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Kevin E. Trenberth, Lesley Smith, Taotao Qian, Aiguo Dai, and John Fasullo

land between the two hemispheres. Therefore, there is a need to resolve continental scales and zonal mean latitude–time sections, and these results are also presented in section 4 . The third challenge posed is to determine the interannual and longer-term variability of this cycle. This is especially an issue with nonstationary components associated with global climate change. For the most part, this aspect is taken up elsewhere. The methods and most datasets used in sections 3 and 4 are

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J. Li, X. Gao, and S. Sorooshian

hydrologic models that can accurately assess the basin’s water budget components and their variability at space and time scales. Many previous studies that include the upper Rio Grande basin have used the coupled atmosphere–land surface regional climate model (RCM) to analyze the hydroclimatic characteristics of the western mountainous region. These studies have addressed regional climate regimes ( Giorgi and Bates 1989 ; Giorgi et al. 1993 , 1994 ; Anderson et al. 2004 ; Xu et al. 2004 ; Kim and

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Richard G. Lawford, John Roads, Dennis P. Lettenmaier, and Phillip Arkin

. It is also a critical contributor to the global water cycle through its removal of water from the atmosphere and to the global energy cycle through its latent heat release. Land–atmosphere interactions on different scales, which are discussed in the second section of this special issue, determine the surface component of water and energy budgets over land surfaces, influence the predictability of precipitation, and affect the contributions of land use practices to global change. For example, the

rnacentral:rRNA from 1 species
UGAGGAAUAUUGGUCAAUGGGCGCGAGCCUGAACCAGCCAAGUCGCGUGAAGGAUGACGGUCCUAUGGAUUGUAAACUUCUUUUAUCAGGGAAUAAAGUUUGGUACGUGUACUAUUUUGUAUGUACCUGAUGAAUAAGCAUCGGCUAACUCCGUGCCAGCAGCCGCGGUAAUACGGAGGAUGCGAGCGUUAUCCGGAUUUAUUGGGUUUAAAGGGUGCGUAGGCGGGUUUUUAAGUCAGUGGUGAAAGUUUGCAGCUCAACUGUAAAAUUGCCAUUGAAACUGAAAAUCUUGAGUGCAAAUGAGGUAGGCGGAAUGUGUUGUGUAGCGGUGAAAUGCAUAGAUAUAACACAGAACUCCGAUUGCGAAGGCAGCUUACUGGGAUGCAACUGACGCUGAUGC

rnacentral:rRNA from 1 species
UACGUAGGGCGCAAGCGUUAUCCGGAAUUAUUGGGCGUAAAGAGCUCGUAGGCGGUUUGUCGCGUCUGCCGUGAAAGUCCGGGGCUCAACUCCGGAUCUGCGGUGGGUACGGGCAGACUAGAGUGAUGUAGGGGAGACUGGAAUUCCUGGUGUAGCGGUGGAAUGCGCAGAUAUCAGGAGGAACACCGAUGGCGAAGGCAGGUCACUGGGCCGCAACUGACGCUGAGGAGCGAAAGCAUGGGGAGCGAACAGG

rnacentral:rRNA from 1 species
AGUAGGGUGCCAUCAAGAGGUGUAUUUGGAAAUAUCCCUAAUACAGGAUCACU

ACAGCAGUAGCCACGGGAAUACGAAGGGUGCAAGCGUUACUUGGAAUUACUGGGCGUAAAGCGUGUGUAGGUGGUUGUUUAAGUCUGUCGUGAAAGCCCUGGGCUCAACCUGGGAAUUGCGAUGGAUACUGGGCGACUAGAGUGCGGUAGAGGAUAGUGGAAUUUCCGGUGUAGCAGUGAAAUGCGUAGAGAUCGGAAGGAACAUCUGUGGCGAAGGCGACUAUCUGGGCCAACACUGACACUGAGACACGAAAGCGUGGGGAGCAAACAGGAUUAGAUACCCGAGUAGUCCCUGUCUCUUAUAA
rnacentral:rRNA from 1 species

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Scott Curtis, Ahmed Salahuddin, Robert F. Adler, George J. Huffman, Guojun Gu, and Yang Hong

rainfall is inadequate for evaluating extremes, and present an alternative methodology that yields a stronger relationship between precipitation extremes and El Niño. Interestingly, Lyon and Barnston (2005) , using a similar index to the one used by Goddard and Dilley (2005) except with a weighting to dampen large normalized anomalies at the beginning and end of dry seasons, show that the spatial extent of very wet and dry months in tropical land areas increases with extreme La Niña and El Niño

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Binayak P. Mohanty and Jianting Zhu

parameters, which are a function of soil, vegetation, topography, and other land surface properties. While the quality and availability of remotely sensed vegetation- and topography-related land surface parameters have improved significantly over the last few decades, comparable advances in global soil-related parameters at matching scales have not occurred. In fact, given that soil moisture is known to be a critical climate variable, it could be argued that our current approach of using texture